Consultation is enshrined in Constitution - Opposition parties
December 31, 2008 | By knews
Filed Under News
By Gary Eleazar
Constitutionality, consultation, interpretation, definition of law as
against applied as law and application of Parliamentary Standing Orders,
among other technical jargons, were spewed for hours on Monday leaving the
speaker unable to pronounce on whether the Trade Union Recognition
(Amendment) Bill 2008 should be proceeded with at that sitting.
A decision was taken to have the proposed piece of legislation deferred and
this was in light of the fact that the Opposition parties had all signaled
their intention to boycott participation in the debate of the Bill, given
that it was a breach of the rules of debating a piece of legislation.
According to Robert Corbin, leader of the People's National Congress Reform,
the Parliamentary Standing Orders clearly states that there must be a
six-day hiatus between the first and second reading of any Bill in the
He pointed out that the Bill was first tabled on December 22, and that the
Minister of Labour was seeking to have the Bill read one week later, on
Corbin said that during that period there were three holidays and according
to the Interpretation of Clauses Act, during that six-day period holidays
were to be excluded hence it was only after three days that the Minister was
seeking to have the legislation passed in the National Assembly.
This was challenged by Anil Nandlall of the Peoples Progressive Party Civic,
who told the House that the Interpretation of Clauses Act was referring to
the written law and this was only those that were assented to by the
President and the Parliamentary Standard Orders.
This argument prompted a further challenge from AFC chairman, Raphael
Trotman, who said that it was provided for under the Act as applied law.
Everall Franklin of the Guyana Action Party also contributed to what was now
a lively exchange of interpretations. He stated that whatever the meaning of
the various provisions, the delay was meant for consultation and this was
never done. Further, the concept of consultation was enshrined in the
supreme law of the land-- the Constitution of Guyana.
According to the Opposition members the proposed piece of legislation will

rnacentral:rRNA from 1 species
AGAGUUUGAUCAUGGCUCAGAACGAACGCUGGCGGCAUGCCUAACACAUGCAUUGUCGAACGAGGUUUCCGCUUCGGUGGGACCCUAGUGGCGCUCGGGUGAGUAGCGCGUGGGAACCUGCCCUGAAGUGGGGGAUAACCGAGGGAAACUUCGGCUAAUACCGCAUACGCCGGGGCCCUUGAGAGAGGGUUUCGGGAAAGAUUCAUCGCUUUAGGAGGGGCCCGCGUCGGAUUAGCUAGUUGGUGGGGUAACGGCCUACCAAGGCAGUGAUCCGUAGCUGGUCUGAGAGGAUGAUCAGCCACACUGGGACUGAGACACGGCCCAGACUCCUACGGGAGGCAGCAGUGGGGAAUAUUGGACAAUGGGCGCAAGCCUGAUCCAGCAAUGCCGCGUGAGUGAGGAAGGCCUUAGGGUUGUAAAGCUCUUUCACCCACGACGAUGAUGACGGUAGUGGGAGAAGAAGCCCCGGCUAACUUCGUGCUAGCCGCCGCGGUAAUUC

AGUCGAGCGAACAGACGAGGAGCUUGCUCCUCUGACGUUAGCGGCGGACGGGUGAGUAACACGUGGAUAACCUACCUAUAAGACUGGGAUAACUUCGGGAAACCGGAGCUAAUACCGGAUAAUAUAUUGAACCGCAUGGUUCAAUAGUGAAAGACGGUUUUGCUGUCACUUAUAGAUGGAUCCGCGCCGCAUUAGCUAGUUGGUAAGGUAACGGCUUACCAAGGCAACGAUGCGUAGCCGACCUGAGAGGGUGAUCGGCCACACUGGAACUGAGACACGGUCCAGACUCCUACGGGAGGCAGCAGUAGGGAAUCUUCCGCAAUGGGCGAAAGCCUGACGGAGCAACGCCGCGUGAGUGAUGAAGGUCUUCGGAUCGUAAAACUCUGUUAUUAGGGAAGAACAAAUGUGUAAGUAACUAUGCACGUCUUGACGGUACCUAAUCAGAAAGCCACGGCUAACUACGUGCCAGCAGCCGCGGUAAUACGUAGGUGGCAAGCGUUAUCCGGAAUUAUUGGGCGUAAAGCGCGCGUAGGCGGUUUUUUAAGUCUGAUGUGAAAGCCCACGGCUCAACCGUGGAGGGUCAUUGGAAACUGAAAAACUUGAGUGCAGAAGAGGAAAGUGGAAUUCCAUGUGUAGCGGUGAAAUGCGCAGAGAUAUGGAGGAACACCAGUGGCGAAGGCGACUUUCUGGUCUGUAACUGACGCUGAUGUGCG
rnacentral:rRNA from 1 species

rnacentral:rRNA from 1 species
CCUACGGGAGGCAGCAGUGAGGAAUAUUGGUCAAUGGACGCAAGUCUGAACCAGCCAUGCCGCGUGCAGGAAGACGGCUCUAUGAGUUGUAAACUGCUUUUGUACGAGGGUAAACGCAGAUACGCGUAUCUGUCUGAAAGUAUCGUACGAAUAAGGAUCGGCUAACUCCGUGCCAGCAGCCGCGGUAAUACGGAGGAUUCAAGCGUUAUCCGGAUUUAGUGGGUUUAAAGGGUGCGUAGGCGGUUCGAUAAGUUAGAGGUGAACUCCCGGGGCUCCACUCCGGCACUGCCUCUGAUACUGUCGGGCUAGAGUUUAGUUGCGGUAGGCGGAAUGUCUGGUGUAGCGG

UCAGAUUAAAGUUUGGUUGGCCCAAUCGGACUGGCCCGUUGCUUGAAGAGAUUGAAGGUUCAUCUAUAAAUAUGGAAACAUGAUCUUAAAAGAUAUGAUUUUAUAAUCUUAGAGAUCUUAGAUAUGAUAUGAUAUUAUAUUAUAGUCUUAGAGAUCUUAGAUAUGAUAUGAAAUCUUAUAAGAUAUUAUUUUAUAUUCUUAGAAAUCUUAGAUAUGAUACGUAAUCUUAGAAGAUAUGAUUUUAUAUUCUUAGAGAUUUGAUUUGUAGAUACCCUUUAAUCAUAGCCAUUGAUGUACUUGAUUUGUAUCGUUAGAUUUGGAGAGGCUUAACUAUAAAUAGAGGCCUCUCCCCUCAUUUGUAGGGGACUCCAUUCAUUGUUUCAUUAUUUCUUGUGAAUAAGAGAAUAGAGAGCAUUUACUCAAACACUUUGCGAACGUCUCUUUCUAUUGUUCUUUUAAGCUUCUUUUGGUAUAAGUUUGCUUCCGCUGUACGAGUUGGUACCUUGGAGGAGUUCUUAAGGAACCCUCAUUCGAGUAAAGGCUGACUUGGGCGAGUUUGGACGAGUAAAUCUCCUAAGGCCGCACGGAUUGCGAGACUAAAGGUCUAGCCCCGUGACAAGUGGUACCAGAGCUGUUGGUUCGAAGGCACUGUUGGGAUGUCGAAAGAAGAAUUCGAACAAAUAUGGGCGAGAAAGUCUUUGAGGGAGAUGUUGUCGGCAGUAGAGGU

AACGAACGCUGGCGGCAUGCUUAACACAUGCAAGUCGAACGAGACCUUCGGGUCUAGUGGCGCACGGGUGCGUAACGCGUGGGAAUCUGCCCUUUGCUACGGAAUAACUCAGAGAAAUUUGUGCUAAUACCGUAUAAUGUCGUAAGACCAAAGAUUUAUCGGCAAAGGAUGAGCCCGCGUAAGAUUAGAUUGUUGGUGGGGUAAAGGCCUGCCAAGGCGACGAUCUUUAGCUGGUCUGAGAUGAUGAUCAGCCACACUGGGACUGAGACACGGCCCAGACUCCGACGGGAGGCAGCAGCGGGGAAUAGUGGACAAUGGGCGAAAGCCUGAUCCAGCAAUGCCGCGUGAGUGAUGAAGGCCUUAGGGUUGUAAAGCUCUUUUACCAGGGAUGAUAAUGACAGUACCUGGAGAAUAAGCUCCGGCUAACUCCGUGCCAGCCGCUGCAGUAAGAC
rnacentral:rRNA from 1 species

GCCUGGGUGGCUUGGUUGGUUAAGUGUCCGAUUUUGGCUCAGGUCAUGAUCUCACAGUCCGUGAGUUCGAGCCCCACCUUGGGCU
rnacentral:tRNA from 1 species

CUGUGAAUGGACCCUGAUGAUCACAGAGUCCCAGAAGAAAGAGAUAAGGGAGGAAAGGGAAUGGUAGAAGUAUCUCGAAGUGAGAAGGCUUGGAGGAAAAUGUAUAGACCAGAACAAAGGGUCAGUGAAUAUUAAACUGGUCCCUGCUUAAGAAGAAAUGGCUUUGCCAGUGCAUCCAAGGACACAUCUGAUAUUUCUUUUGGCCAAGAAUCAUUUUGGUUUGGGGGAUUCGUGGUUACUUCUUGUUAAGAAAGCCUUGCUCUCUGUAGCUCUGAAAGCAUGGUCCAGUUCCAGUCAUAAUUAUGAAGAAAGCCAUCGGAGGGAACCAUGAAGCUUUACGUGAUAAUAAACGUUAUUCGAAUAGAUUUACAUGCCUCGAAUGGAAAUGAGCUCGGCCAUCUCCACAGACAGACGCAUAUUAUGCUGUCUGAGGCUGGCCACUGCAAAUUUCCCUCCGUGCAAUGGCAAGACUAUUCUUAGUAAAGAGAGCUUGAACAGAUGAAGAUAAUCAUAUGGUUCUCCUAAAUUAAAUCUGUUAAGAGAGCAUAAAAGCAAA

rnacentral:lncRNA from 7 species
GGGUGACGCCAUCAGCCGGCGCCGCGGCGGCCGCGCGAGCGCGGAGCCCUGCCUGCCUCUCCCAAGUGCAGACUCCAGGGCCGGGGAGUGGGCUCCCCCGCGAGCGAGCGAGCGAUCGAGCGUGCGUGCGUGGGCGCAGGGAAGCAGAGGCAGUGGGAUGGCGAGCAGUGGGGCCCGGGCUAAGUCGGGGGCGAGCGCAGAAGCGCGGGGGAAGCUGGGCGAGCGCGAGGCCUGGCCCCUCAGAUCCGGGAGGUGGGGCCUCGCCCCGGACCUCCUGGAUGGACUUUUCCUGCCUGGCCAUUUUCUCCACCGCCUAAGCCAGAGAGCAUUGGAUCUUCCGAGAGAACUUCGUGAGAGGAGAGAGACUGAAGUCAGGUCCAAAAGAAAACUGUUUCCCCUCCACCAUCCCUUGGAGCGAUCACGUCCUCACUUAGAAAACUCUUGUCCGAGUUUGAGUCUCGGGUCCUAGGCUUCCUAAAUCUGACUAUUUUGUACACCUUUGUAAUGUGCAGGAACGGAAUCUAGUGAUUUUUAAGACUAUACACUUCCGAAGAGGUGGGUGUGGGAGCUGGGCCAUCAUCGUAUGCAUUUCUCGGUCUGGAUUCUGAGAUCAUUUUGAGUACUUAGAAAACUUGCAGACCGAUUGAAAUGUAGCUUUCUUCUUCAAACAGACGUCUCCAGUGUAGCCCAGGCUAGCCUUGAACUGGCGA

affect trade unions and as such the members should be consulted. It was
pointed out that the Guyana Trades Union Congress (GTUC) has not been
According to Basil Williams of the PNCR the GTUC is recognized as the legal
majority representative body by the International Labour Organisation.
This view did not seem to hold water with the Labour Minister, who during a
question and answer phase in the House, said that he was unaware of such a
position held by the GTUC.
Despite this the GTUC, via a letter that was copied to Prime Minister Samuel
Hinds, and the Minister of Labour and circulated to the media, stated that
it was not consulted on the issue.
According to the document signed by the president of that body, Gillian
Burton, "It has been brought to the attention of the GTUC that the Trade
Union Recognition (amendment) Bill 2008, Bill No. 25 of 2008, was introduced
in the Parliament on Monday December 22, 2008 in the midst of the holiday
season...We have been further informed that the Government proposes to
proceed with the second reading today (Monday) in Parliament...
"It is rather unfortunate that the Guyana Trades Union Congress has not to
date received a copy of this proposed law that has far reaching implications
for the trade union movement and workers in Guyana....In the circumstances
we are requesting that the reading of the Bill be postponed to provide an
opportunity for the Guyana Trades Union Congress to be consulted and a copy
of the said Bill be forwarded to us."
After the commotion in the National Assembly which included an impromptu
suspension to allow the Speaker to consider the various proposals, a
decision was taken to have the second reading deferred.
Williams, who is also Shadow Labour Minister, has already stated in a recent
interview with this newspaper that that the Trade Union Recognition
(Amendment) Bill 2008 was seeking to undermine the Guyana Trades Union
According to Williams, the legislation closely resembles a previous Bill
that was tabled by the People's Progressive Party Civic (PPP/C) in 2006 but
was pulled from the House amidst a lambasting for its consequences.
Williams said that this time around the only thing that is different is the
language. It is intended to remove the GTUC from the Trade Union's
Representation Certification Board.
He added also that the legislation will marginalise and destroy small unions
whilst destroying the aspirations of Hubert Nathaniel Critchlow for a single
National Association of Trade Unions.
He said, too, that the amendment will seek to repeal sections of the
Principal Act which previously guaranteed a role for the GTUC, which
according to Williams, is the only umbrella body recognised by the
International Labour Organisation.
The Shadow Minister emphasised that the legislation is in essence seeking to
have the Federation of Independent Trade Unions of Guyana (FITUG) become the
union to be consulted as it relates to the bargaining process.
Clause Four of the amendment calls for the Minister of Labour to consult the
most representative organisations of workers and employers in the
appointment of the chairman of the Representation Certification Board as
against the requirement to consult with the most representative associations
of trade unions and employers.
According to Williams, it (the legislation) will remove the GTUC from the
Board that approves the certification of small unions.
Another clause in the proposed legislation will allow a union to strike only
if a board has not determined the union's application for certification
within four months of the application.
Previously, a union could strike if its application was not determined
within a period of two months.